Making a movie is hard, but in some respects, remaking a picture is even harder. That's the challenge that director Kimberly Peirce took on with Carrie, the third film inspired by Stephen King's classic horror novel. BFTV chatted with Kimberly on Friday to talk about the process of reimagining the People's Choice Award-winning flick, and what captures her attention when it comes to making movies.
"I fell in love with the novel," she told us, explaining how she balanced being faithful to King's work with bringing something new to the big screen. "I just thought Carrie was an amazing character, because she was a girl who wanted love and acceptance, and was up against obstacles [like] girls at school, but she had this amazing persistence to create the kind of life that she wanted. I ended up being really compelled by how she managed her powers, the excitement around that, and the relationship between her and her mom. For me, it was really just going to this novel and saying what's the best way to get inside Carrie's story and the story of her and her mom."
It's that complex and difficult relationship between Carrie (Chloe Grace Moretz) and her deeply religious mother, Margaret (Julianne Moore), that's at the heart of the movie and best illustrated by the opening scene, where Margaret gives birth to Carrie and ultimately decides to raise her daughter rather than kill her. "I'm really proud of the opening. That was a new opening that I came up with based on the book," Kimberly said. "I read it and talked to Julianne Moore about it. Julianne and I talked about it with [the studio], and they loved the idea, and they gave us the money to shoot it."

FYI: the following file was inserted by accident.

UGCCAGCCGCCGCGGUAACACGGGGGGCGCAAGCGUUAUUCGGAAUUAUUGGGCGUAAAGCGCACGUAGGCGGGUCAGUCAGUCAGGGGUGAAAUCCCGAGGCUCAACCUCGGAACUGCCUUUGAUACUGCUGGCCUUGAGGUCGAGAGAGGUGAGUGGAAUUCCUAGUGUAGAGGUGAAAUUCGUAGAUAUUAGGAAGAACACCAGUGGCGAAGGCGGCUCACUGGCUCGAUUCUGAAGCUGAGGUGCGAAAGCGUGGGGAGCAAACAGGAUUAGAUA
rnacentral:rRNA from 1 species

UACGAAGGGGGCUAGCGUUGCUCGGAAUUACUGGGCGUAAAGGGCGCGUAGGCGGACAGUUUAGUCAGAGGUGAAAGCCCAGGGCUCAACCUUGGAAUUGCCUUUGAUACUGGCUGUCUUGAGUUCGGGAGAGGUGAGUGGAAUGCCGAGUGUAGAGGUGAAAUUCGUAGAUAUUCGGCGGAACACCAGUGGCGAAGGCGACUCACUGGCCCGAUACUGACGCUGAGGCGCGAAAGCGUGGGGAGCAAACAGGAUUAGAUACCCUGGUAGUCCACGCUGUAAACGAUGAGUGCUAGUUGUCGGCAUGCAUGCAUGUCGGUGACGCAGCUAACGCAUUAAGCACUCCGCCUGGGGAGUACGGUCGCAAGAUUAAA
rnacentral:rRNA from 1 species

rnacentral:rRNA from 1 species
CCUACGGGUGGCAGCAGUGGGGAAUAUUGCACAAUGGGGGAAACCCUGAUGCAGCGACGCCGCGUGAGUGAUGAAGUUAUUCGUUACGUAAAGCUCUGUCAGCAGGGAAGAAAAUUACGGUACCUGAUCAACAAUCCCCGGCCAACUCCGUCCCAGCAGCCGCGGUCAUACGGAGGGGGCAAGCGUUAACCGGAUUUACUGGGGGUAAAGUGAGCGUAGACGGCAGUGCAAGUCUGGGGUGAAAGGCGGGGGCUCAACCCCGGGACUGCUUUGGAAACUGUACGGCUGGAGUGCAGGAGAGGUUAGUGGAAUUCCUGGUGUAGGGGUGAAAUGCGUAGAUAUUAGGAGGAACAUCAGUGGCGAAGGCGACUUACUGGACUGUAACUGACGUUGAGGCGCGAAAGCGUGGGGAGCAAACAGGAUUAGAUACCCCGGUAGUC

"The entire relationship between Carrie and Margaret, I think it's really unique to this film, and I think it's a love story," she added. "This is a mother who loves her daughter and will do anything to protect her."
Kimberly advised that audiences who pick Carrie up on Blu-Ray should definitely check out the included alternate ending, and hopes that they take away something in particular from the film. "I hope they fall madly in love with Carrie and they feel for her desires, her goals, the obstacles she faces and the journey she goes on," she told us. "The same thing with Margaret. I think Stephen King wrote an amazing story."
When we talk about strong female directors in Hollywood, we can't overlook Kimberly, whose movies are about more than just their entertainment value. The award-winning helmer's previous two movies are the critically acclaimed Boys Don't Cry and the Iraq War drama Stop-Loss - both of which she also co-wrote - and she told us what she likes to find in a project. "These [films] all come from similar places," she said. "I love a main character with strong needs, who we fall in love with, who has a lot of violence - emotional, physical - in their lives, as opposed to the other characters."
"I really want to tell stories that mean a lot to me, and I was lucky that I love Stephen King's work and I really love the Carrie story," Kimberly continued. "I think it's a challenge for a lot of directors. How do we continue to find stories that we absolutely care about? And if we care about them, how do we get a good screenplay and get them to the theater? I wish audiences understood how challenging that is."